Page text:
Speaking as a resident who has only alley access (no front driveway), I would love for the Village to provide more frequent alley maintenance (gravel re-grading and snow removal) and yes, to pave the alleys. But quite frankly, the Village cannot afford to do either without decreasing funding for other infrastructure maintenance. The alley system is like a second road system, in terms of size. The roadways must come first in terms of improvement and maintenance.

Overall, I think that the services and programs provided by the Village are at the right level, in terms of residents’ needs and wants, and their desire and ability to pay – from yard waste collection, recycling, snow removal, etc. But I do think that we should proactively look for opportunities to expand programs and offerings, where doing so could be achieved at little or no additional cost. This may mean more partnering with the Chamber or other organizations for new/enhanced special events, or with other towns/recreation providers for additional programs, and partnering with townships, Pace, Cantata or others to provide mobility to our elderly residents through senior transportation services.

An area that I feel strongly we need to improve upon is making information about Village services, programs, events and infrastructure project schedules more easily available to residents. Without a doubt, the Village needs to make better use of its website and needs to provide more information on it.

Staff is in fact working on a redesign that will hopefully increase the amount of information and accessibility by residents, businesses and visitors. The Village may need to allocate more staff time and/or money to keep the website constantly update. The website should play a greater role in providing Brookfield information to current and new residents, and to prospective businesses.

 

What is the most important issue facing the village in the next four years? What should be done about it?

I think the most important issue will be addressing our aging and rapidly deteriorating infrastructure. Streets that are currently in the worst category (Category 5) will be addressed in that timeframe; however, many of the streets that are currently in category 4 will likely deteriorate into Category 5s within the upcoming four years. And there are many streets that are currently in category 4. Our aging sewer system will also continue to deteriorate at a pace that exceeds our financial capacity to improve.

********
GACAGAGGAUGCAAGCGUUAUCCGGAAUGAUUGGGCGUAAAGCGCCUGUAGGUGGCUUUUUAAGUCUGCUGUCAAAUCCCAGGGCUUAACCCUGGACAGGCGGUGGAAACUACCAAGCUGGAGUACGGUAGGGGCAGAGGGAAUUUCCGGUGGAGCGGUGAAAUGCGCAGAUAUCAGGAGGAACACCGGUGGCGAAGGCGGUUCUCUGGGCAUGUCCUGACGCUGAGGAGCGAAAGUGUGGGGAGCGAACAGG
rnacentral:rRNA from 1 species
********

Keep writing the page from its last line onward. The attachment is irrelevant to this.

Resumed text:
We will be challenged with how to fund the many needed infrastructure improvements, and how to handle disruptions and inconveniences that come with making major infrastructure replacements. I cannot say what I think should be done about it, until the full extent of this challenge is fully examined and understood by the Board; however, it is important that the Board proactively discuss the matter, as it will take many discussions to address and resolve.

 

What other issues do you feel will be important for the next village board to address? How should they be addressed?

The next Village Board will need to keep a very close eye on how the State resolves its financial crisis, especially the potential for diverting or freezing funds to municipalities. The Board will likely need to be more active in communicating with State legislators and with municipal legislative advocacy groups, such as WCMC and the IML. There is a definite concern that the State may shift its financial burdens to local governments and school districts, and also eliminate some of the grant programs and funding sources that have provided the means for Brookfield to improve our parks, roads, sewers, and streets and other essential services.